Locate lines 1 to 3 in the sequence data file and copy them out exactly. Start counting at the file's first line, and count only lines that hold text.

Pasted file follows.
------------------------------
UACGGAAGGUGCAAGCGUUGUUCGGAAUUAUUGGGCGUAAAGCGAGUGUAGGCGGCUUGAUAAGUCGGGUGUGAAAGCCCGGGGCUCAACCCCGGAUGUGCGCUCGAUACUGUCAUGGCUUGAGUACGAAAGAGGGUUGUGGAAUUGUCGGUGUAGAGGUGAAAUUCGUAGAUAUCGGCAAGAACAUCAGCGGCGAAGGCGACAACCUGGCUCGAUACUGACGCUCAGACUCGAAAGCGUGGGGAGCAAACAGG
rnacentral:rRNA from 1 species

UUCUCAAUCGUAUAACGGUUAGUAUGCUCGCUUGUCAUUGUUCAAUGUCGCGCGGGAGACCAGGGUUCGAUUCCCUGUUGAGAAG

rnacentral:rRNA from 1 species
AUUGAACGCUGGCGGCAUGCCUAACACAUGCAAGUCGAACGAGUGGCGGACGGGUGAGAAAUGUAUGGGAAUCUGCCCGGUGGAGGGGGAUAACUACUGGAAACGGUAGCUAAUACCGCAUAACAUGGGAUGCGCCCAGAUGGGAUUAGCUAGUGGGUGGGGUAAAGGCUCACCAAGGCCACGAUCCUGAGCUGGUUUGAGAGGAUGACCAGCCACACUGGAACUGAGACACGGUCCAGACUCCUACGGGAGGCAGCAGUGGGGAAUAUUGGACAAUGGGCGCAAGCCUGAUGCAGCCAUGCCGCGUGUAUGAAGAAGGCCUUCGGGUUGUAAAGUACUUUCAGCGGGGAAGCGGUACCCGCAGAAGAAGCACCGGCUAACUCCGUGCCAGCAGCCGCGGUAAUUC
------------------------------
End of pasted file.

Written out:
UACGGAAGGUGCAAGCGUUGUUCGGAAUUAUUGGGCGUAAAGCGAGUGUAGGCGGCUUGAUAAGUCGGGUGUGAAAGCCCGGGGCUCAACCCCGGAUGUGCGCUCGAUACUGUCAUGGCUUGAGUACGAAAGAGGGUUGUGGAAUUGUCGGUGUAGAGGUGAAAUUCGUAGAUAUCGGCAAGAACAUCAGCGGCGAAGGCGACAACCUGGCUCGAUACUGACGCUCAGACUCGAAAGCGUGGGGAGCAAACAGG
rnacentral:rRNA from 1 species

UUCUCAAUCGUAUAACGGUUAGUAUGCUCGCUUGUCAUUGUUCAAUGUCGCGCGGGAGACCAGGGUUCGAUUCCCUGUUGAGAAG